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The Curse of Reason

The Great Irish Famine
Enda Delaney
Gill and Macmillan


An engraving of Bridget O'Oonnell and her children that appeared in the Illustrated London News in December 1849 put names and faces on the victims of Ireland's Great Famine. It remains one of the most widely recognised images of the crisis: a woman in rags, with sunken face and limbs emaciated, beside two young children. According to an accompanying news story, her husband had held a little less than five acres in the townland of Garraunnatooha in the parish of Kilmacduane, near Kilrush, Co. Clare, but the family had been evicted for falling behind in the payment of rent. They had purchased oats for seed from Marcus Keane, who owned the land, and they had sown the crop and harvested it. As soon as the corn was stacked, a neighbour named Blake had taken the corn and stored it, on the instructions of one Dan Sheedy, presumably a henchman acting for Keane. Sheedy then arrived with a group of men to eject the family and level the cabin. Bridget, pregnant and suffering from fever, remained inside, until neighbours rescued her. A week later she gave birth to a stillborn child and received the last rites from her priest, the Rev. Michael Meehan. Another child, aged thirteen, died three weeks later. Sheedy and Blake sold the corn at the market in nearby Kilrush.1 What happened to Bridget O'Donnell thereafter has never been established.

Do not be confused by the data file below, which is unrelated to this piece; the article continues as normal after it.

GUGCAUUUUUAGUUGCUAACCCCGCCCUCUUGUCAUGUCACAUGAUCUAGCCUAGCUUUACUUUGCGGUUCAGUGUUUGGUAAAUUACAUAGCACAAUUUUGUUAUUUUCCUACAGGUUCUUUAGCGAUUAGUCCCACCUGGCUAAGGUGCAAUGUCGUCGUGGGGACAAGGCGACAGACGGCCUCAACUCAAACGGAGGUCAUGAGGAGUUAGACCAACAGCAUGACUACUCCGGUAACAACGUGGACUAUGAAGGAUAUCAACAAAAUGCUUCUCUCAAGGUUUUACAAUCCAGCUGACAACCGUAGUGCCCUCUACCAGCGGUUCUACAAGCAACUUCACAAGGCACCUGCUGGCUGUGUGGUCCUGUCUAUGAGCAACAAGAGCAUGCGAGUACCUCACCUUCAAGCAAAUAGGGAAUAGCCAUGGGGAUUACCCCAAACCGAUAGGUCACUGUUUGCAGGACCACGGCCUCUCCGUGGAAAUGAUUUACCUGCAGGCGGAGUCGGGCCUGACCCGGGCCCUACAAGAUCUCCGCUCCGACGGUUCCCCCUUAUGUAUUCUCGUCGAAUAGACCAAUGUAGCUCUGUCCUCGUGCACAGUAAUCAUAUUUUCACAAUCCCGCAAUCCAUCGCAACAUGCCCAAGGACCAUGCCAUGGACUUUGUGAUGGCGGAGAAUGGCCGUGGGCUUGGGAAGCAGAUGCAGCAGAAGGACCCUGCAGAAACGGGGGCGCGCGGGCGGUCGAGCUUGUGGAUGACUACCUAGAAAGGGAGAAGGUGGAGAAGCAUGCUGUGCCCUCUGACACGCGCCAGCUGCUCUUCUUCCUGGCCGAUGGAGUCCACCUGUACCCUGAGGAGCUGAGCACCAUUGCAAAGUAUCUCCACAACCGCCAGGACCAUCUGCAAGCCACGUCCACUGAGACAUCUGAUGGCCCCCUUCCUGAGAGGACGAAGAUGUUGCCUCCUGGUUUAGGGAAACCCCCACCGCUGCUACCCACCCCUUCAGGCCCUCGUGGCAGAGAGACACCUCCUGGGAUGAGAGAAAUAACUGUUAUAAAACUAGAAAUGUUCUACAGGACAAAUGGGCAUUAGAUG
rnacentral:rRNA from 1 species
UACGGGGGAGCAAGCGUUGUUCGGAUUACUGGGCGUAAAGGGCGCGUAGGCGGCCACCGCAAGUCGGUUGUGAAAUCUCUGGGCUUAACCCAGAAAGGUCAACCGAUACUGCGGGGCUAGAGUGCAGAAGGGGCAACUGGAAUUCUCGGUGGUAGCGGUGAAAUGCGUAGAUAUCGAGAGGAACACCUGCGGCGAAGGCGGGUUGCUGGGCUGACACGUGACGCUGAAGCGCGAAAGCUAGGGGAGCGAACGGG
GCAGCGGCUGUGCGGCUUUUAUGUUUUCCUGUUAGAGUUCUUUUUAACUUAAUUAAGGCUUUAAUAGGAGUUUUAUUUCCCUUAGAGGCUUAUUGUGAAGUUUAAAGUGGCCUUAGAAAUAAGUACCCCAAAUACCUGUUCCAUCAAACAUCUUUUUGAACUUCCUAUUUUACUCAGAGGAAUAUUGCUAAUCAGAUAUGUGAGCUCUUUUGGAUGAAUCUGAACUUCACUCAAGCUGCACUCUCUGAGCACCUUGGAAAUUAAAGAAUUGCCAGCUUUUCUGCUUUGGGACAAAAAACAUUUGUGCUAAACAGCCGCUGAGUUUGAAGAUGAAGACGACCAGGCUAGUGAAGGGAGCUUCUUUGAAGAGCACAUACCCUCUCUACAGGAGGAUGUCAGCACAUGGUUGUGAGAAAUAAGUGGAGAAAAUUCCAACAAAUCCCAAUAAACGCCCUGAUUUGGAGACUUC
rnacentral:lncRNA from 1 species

Marcus Keane was a notorious agent who represented absentee landlords in Co. Clare, such as Francis Conyngham, second Marquess Conyngham, but was himself the owner of a small estate. In addition to the O' Donnells he had evicted twelve other families in Garraunnatooha, leaving some sixty people homeless.1 He was described in 1846 by a state functionary as a 'gentleman of high character', the Limerick Reporter later said of him that he was 'unhappy when not exterminating',3 and one historian has described him as the 'exterminator general'.4 Keane earned this notoriety through the large-scale evictions he oversaw throughout Co. Clare, especially in the Kilrush Poor Law Union from 1847 onwards.5 The Poor Law inspector for the union, Captain Arthur Kennedy, drew the attention of senior officials in London to……